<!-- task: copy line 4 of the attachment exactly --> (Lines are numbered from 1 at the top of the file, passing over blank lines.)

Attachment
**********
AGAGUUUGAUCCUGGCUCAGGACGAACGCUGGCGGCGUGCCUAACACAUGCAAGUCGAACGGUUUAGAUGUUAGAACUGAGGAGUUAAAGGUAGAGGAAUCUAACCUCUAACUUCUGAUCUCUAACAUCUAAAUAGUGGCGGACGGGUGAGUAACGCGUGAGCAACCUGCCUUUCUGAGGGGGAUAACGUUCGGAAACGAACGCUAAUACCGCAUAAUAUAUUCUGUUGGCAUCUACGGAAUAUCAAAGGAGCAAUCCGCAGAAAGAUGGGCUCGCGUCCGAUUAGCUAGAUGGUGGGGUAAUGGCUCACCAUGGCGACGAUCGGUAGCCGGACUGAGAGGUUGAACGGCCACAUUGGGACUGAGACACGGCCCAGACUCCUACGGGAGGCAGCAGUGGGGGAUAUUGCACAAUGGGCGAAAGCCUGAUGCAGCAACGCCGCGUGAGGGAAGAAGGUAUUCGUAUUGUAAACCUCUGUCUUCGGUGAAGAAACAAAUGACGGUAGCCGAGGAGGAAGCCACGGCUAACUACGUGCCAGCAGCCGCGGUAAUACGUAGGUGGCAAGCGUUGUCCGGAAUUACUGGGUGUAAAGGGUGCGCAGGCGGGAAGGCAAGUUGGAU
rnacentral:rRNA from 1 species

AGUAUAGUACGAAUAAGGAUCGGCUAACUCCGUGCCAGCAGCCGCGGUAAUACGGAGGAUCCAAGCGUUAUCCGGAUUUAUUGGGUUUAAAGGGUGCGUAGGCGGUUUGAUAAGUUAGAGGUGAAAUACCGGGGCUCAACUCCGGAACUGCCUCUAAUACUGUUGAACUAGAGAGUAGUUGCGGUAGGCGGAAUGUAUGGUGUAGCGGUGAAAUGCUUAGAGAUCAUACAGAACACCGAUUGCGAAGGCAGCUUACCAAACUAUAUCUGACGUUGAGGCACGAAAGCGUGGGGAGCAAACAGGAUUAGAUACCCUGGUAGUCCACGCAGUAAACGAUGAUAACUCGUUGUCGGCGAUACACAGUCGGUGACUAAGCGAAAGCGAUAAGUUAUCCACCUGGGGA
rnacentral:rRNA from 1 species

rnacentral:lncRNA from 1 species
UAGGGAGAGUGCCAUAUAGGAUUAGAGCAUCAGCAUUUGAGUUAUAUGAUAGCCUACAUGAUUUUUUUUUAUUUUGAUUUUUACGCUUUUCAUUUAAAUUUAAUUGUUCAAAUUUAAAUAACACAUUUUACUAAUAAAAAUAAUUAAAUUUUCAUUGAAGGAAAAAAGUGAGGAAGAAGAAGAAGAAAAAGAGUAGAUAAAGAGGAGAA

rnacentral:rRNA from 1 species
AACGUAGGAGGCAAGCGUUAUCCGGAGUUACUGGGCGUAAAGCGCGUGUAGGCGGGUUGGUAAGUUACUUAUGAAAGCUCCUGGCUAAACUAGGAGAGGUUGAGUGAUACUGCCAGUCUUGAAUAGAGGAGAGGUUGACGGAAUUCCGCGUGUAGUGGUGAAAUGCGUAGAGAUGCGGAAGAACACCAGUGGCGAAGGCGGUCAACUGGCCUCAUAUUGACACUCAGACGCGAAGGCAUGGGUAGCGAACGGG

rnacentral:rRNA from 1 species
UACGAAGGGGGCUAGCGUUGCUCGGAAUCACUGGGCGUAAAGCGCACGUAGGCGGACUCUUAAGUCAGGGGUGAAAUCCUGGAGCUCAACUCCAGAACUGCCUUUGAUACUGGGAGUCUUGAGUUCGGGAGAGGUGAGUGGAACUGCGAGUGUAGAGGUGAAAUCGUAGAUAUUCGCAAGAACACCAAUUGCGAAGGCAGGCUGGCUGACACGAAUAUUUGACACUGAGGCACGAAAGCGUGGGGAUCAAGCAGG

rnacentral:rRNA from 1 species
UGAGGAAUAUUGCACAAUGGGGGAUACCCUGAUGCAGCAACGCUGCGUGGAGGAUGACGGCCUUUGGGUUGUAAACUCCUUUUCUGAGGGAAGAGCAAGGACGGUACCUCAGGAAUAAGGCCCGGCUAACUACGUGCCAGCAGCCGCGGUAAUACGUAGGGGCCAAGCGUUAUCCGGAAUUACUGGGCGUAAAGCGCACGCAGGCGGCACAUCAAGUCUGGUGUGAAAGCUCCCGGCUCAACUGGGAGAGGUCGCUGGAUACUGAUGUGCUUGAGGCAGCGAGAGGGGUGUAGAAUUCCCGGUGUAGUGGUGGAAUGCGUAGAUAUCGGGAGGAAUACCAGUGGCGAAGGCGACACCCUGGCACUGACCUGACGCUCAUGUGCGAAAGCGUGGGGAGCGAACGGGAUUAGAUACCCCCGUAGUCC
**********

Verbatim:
rnacentral:rRNA from 1 species